Employees On a 4-Day Work Week Could Reduce Bad Work Outcomes

remote work

Employees working on a 4-day work week appear to get more sleep and, consequently, perform better at work. According to a study by Juliet Schocer, sociologist and economist at Boston College, organizations that have four-day weeks significantly improve their results as employees sleep more.

Not every leader is convinced that remote work is the future. Many have demanded employees return to the office, and others are slowly transitioning to the traditional on-site setup. However, others continue supporting flexible schedules that involve remote work and a reduced work week. 

4-Day Work Week Study: Key Findings

During a TED talk, Juliet Schor, sociologist, and economist at Boston College, said that employees are starting to realize that if they rethink where people work, they can also rethink the days they need to perform their tasks.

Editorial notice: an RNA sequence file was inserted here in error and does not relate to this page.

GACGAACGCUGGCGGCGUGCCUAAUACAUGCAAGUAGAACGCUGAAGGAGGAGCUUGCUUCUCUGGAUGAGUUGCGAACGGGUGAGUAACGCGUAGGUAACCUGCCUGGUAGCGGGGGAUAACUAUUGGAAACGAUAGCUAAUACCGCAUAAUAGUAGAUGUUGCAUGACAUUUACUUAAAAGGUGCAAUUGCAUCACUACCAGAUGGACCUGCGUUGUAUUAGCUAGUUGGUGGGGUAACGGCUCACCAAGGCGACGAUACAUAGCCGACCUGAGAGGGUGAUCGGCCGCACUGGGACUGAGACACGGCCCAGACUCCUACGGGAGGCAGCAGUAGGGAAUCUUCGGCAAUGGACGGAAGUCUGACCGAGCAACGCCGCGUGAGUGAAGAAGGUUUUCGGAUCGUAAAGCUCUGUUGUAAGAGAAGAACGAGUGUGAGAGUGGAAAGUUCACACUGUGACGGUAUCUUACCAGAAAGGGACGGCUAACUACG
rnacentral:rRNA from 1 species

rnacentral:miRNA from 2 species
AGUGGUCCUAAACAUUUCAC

She is tracking organizations on a global scale that are experimenting with a 4-day week. These are some of the findings:

  • Among those employees who switched to four days, the percentage of getting less than 7 hours to sleep dropped from 42.6% to 14.5%.
  • Employees registered 7.58 hours per night of sleep, nearly a full hour more than before the change. 

Schor told Bloomberg that she wasn´t surprised by people getting more sleep, but she was surprised how that impacted changes in organizations. 

In survey results by the 4-Day Week Campaign, 46% of respondents said their business productivity maintained the same level, while 34% reported it improved slightly, and 15% that it “improved significantly.” 


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